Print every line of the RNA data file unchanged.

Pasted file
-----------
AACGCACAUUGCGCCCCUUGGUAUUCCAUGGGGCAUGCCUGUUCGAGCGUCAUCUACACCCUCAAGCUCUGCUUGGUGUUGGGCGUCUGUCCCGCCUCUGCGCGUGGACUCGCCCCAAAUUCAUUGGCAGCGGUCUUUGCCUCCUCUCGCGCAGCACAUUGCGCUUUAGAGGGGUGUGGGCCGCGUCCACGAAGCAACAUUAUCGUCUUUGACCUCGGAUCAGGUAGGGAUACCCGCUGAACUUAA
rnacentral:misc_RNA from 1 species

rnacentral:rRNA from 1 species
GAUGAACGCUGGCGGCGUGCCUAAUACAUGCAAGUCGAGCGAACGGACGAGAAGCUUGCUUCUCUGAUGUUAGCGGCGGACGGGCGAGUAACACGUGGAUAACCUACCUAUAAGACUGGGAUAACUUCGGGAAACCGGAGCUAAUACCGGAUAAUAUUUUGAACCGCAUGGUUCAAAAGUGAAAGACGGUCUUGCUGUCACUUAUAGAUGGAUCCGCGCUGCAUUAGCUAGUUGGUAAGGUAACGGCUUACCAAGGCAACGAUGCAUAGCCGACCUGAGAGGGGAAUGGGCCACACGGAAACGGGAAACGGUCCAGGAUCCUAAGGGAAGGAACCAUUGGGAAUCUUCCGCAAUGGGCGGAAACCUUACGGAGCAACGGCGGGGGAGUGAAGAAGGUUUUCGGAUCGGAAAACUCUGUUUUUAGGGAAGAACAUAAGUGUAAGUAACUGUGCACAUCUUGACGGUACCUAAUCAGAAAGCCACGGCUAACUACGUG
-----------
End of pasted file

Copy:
AACGCACAUUGCGCCCCUUGGUAUUCCAUGGGGCAUGCCUGUUCGAGCGUCAUCUACACCCUCAAGCUCUGCUUGGUGUUGGGCGUCUGUCCCGCCUCUGCGCGUGGACUCGCCCCAAAUUCAUUGGCAGCGGUCUUUGCCUCCUCUCGCGCAGCACAUUGCGCUUUAGAGGGGUGUGGGCCGCGUCCACGAAGCAACAUUAUCGUCUUUGACCUCGGAUCAGGUAGGGAUACCCGCUGAACUUAA
rnacentral:misc_RNA from 1 species

rnacentral:rRNA from 1 species
GAUGAACGCUGGCGGCGUGCCUAAUACAUGCAAGUCGAGCGAACGGACGAGAAGCUUGCUUCUCUGAUGUUAGCGGCGGACGGGCGAGUAACACGUGGAUAACCUACCUAUAAGACUGGGAUAACUUCGGGAAACCGGAGCUAAUACCGGAUAAUAUUUUGAACCGCAUGGUUCAAAAGUGAAAGACGGUCUUGCUGUCACUUAUAGAUGGAUCCGCGCUGCAUUAGCUAGUUGGUAAGGUAACGGCUUACCAAGGCAACGAUGCAUAGCCGACCUGAGAGGGGAAUGGGCCACACGGAAACGGGAAACGGUCCAGGAUCCUAAGGGAAGGAACCAUUGGGAAUCUUCCGCAAUGGGCGGAAACCUUACGGAGCAACGGCGGGGGAGUGAAGAAGGUUUUCGGAUCGGAAAACUCUGUUUUUAGGGAAGAACAUAAGUGUAAGUAACUGUGCACAUCUUGACGGUACCUAAUCAGAAAGCCACGGCUAACUACGUG